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Charity Commission and SHARP Constitution

This blog is about the charity SHARP and its constitution. It explains a bit more about the complexities relating to the SHARP constitution that the committee find themselves facing.

Some new volunteers may be unaware that one of the guiding principles of SHARP is that volunteers that dig with us become members of SHARP and therefore get a vote and a say at our AGMs. The committee also feel that as a charity, SHARP’s governance should be open to all and able to be scrutinised. We want to make people aware of the situation and show how SHARP is always trying to improve and move forward.

 

Constitutions and AGMs

There have been several constitutions over the years. The four known constitutions are the original 1997 version, a 2008/9 version, 2018 version and the new 2023 version proposed and voted on at our last AGM.


In 2023 while we were working on the constitution and AGM, several of the committee were concerned about the legitimacy of the 2018 constitution and so further investigations have since taken place. This involved a consultation with the Charity Commission who, despite originally having accepted the constitution, have now ruled that we must completely ignore the 2018 constitution. The reason given by the Charity Commission was that they was not aware that in 2018 there was no public AGM carried out. They confirmed the new committee’s belief that to change a constitution you need to follow the previous constitutions rules surrounding votes. So, to remove the voting rights of members in the way the 2018 constitution did, the as then membership would have needed to vote to remove those rights at a public AGM. As the membership were not informed of a private vote by trustees in 2018, and therefore did not have a chance to vote for or against these changes, this makes the 2018 constitution invalid.


The Charity Commission has also informed us that the 2008/9 constitution, which we believe was correctly voted in at an AGM in 2008 and confirmed in 2009, was never accessioned with them. Therefore, despite this version being used by the charity between 2009-2018, the Charity Commission have informed us that we must now use the original 1997 constitution.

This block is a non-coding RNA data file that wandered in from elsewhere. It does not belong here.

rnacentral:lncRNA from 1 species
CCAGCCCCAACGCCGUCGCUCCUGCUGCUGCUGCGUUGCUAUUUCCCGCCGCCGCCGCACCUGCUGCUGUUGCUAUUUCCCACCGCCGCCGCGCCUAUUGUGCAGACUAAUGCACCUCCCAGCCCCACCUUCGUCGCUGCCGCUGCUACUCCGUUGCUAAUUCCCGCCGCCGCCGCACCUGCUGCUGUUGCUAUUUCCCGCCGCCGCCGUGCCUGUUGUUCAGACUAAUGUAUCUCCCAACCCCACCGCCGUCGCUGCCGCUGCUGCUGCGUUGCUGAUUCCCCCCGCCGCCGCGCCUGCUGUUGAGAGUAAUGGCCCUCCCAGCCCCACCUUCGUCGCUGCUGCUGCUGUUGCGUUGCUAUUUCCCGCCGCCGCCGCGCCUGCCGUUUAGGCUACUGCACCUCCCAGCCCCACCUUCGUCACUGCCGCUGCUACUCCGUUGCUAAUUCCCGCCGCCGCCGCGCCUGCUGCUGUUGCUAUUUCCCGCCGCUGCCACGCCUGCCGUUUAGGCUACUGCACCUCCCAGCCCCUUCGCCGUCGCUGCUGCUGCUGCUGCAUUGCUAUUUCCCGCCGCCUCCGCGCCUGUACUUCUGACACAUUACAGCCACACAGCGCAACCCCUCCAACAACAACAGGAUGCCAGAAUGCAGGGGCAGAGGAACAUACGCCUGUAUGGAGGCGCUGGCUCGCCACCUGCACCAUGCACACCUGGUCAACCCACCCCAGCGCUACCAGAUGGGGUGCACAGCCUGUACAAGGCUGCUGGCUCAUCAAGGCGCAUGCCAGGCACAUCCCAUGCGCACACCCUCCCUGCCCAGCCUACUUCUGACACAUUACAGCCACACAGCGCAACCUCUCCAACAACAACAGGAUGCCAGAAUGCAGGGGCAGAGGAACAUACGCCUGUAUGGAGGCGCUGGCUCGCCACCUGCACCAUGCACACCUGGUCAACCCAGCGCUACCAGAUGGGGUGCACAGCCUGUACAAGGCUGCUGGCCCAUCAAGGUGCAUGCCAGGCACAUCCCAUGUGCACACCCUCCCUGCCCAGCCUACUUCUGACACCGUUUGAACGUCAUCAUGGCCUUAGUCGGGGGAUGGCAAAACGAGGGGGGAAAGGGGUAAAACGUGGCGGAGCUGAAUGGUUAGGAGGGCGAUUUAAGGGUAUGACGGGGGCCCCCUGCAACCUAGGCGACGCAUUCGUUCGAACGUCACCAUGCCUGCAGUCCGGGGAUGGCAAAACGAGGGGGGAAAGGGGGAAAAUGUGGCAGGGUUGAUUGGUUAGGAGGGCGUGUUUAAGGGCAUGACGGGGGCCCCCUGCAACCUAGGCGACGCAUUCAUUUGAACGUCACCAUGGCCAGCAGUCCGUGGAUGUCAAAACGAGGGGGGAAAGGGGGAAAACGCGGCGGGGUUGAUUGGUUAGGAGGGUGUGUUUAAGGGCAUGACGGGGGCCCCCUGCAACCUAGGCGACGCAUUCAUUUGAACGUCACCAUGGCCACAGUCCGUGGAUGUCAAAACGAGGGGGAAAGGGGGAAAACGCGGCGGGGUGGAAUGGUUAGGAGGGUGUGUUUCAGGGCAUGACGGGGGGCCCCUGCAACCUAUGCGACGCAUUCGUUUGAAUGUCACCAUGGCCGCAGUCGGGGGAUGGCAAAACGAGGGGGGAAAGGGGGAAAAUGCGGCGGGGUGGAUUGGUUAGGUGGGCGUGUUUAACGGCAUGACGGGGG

So where does this leave SHARP as a charity?

The AGM last year was done in two parts: an EGM and an AGM. Part of the reason for this was we had been told multiple times that the 2018 constitution was legitimate and, despite our doubts, the Charity Commission agreed. We held an Emergency General Meeting so that we could vote in an amended constitution that returned voting rights to the membership, so that they could then vote in the new committee and trustees. This was followed by an AGM where the voting was carried out.

However, the revelation that the 2018 constitution is invalid and that we should be using the 1997 constitution, means that the new 2023 constitution was not voted in correctly. There were people who attended the AGM in 2023 who would have been eligible to vote for or against the new constitution proposed based on the 1997 rules, but under the 2018 they had no voting rights, and therefore they were excluded during the EGM. The committee have decided that the new 2023 constitution is therefore also invalid, as we do not want to accept a new constitution voted in by excluding members.

 

What about the new committee and trustees?

We have checked and the voting in of new committee and trustees is only partially affected. The 1997 constitution has more named officers than the proposed 2023 constitution, with named roles for Chairman, Co-ordinator, Director, Promotions/Fundraisers Officer, Field Officer, Treasurer. There was no named position for a secretary, although its likely this was the co-ordinator role. The rules for voting in new trustees are the same as the constitution we proposed, therefore the trustees and main officers were voted in correctly (just under a different constitution than planned).

The only small problem are the committee members that are not currently trustees as the 1997 constitution says that ‘members of the committee shall be trustees’. However, as the current committee members were voted in (which gives them legitimacy), and since the 1997 constitution allows the trustees to fill vacancies if they choose to, the trustees have agreed that the current committee members can remain in post at least until the next AGM and we have a new constitution.

 

So, what’s next?

The committee was already keen to look at the constitution and general governance of the charity. We had plans to investigate changing into a CIO among other ideas so with this new revelation we have decided we will use this opportunity to do some wider consultation with the members of SHARP. We will be aiming to use this time between now and the AGM this summer to seek viewpoints.


If you are a member of SHARP, and would like to contribute, please fill in this questionnaire to help guide us going forward.


We will be working on updating the constitution in line with SHARPs original ethos while also bringing us into the 21st century.

 

Published on behalf of the SHARP Committee


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